The Night Circus by Erin Morgenstern is one of the best books I’ve read in a very long time. It took me awhile to get to it, but I’m so glad I finally did. The story is about two competing magicians, but it is so much more than Harry Potter for adults. (I love HP, but this is something very different). The Circus is described as dreamlike, and Morgenstern describes things in such a light and tactile way that you feel as though you’re smelling, seeing, and feeling Le Cirque Des Reves just as her characters are experiencing it.
Essentially the story is about two competitors entered into a game against their will. The game ends only when one of them fails through an inability to sustain the magic they’ve created within the circus. This collapse will kill the loser and the winner will be free of the game. The game is to keep the circus, which is maintained by magic, running while continuing to add newer and increasingly intricate tents for the audience.
The competitors are Celia and Marco. Celia is the circus Illusionist and possesses a magic she was born with, an ability that was moulded and sharpened by her father’s cruel instruction. She is loving and compassionate despite being raised by a sadistic man who entered her in a twisted game when she was only 6 years old. Marco was plucked from an orphanage and spent his childhood and adolescence studying and reading books to learn his magic. After this dull grey upbringing, Celia and the circus ignite an unwavering passion in him. Inevitably, they fall in love. Ironically they continue to play the game by building magic tents not just for the circus audience, but for each other making the circus magic harder and harder to sustain. One tent is filled with clouds that can be climbed, another is a garden covered in ice, and another a wishing tree for patrons to make wishes on.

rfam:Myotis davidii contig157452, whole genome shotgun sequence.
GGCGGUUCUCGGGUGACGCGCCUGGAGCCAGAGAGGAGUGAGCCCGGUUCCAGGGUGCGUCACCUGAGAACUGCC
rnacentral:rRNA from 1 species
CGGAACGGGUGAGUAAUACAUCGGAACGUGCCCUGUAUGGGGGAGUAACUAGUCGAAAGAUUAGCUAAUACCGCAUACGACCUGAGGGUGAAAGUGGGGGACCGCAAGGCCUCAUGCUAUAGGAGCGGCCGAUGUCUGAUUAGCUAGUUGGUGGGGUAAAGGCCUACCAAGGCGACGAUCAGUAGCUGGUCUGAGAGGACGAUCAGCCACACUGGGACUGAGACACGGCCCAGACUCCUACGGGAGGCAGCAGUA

The description in the book is so precise and colourful, without being lengthy, that you can vividly picture every detail of the circus and each of its main characters. The characters too hold a unique and magical quality that makes you feel you are truly in a Wonderland-like dream. The book is dotted with excerpts that revert to second person (think choose-your-own-adventure books), and describe to you what you are doing and seeing at the circus. The effect is that it pulls you even deeper into the book and the circus itself. As you read you become an illustrious Reveur. The Reveurs are the characters in the story who are inexplicably drawn to and obsessed with the circus. They wear red scarves and follow it around from place to place. Like them, the story pulls you in and you become a bit obsessed with the circus and its characters. The imagery lingers like an imprint in your mind even when you are not reading it.
Have you read The Night Circus?
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